DRAFT TODAY, POST TOMORROW: Some posts may be in draft status until I (aka procrastinator extraordinaire) get around to posting them.

Wednesday, June 17, 2009

Cattle and climate change

Letters, from the Independent (UK)

Ill-informed celebs blame my cattle for climate change

Tuesday, 16 June 2009

After checking my organic sheep and cattle this morning, listening to curlews and skylarks wheeling over their nests in the pastures my livestock maintain and watching the bumblebees working over the hay meadows which provide their winter fodder, I opened my Independent and choked on my porridge ("McCartney urges 'meat-free days' to tackle climate change, 15 June)

Here were a bunch of ill-informed, gas-guzzling, jet-setting "celebrities", who probably fly more often to New York or LA than I drive my low-emissions car to the local market town, attacking what I do. What prize patsies they make for the coal, power and aviation industries in passing the blame for global warming from fossil fuels to the eating of beef and lamb. We should be more discerning about the quality and sourcing of all our food. It is fundamentally dishonest to take the world's most shocking examples of deforestation, factory farming and water and energy inputs, then to imply that all meat is produced by means of a hypothetical mix of all of these unacceptable methods.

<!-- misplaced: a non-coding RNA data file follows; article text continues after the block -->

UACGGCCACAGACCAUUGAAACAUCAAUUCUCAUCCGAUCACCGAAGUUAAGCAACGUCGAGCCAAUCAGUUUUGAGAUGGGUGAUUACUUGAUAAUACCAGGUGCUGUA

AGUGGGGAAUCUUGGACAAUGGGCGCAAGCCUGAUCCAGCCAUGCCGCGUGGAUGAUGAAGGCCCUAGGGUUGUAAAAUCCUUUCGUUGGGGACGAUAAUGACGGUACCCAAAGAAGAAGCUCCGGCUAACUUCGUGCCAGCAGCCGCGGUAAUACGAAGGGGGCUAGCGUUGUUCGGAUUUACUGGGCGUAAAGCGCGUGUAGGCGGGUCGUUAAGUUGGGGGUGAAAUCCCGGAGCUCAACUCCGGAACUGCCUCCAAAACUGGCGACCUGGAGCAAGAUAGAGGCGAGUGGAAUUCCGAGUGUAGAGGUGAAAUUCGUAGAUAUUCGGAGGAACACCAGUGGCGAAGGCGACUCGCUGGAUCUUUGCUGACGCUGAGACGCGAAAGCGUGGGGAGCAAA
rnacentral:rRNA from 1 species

In reality over half of the UK's farmland is unsuitable for cropping, so centuries of pastoral farming are to a huge degree responsible for our finest landscapes and for locking up millions of tons of carbon in our grassland.

It is the rapid acceleration of carbon dioxide emissions from the burning of fossil fuels which poses a threat to the planet. In contrast, emissions from our cattle and sheep have been falling as their numbers have dwindled in recent decades.

I am serious about climate change, but because I am not a "celeb" I can only act locally by, for example, heating my home entirely with fallen wood I have cut myself, using a 100 per cent renewable electricity supplier and taking, at most, one (short-haul) flight per year. Whether through ignorance or cynicism, those promoting "Meat-free Monday" are abusing their high profiles while ignoring their own massive carbon footprints. They are reducing this critical issue to a dishonest farce.

Aidan Harrison

Rothbury, Northumberland

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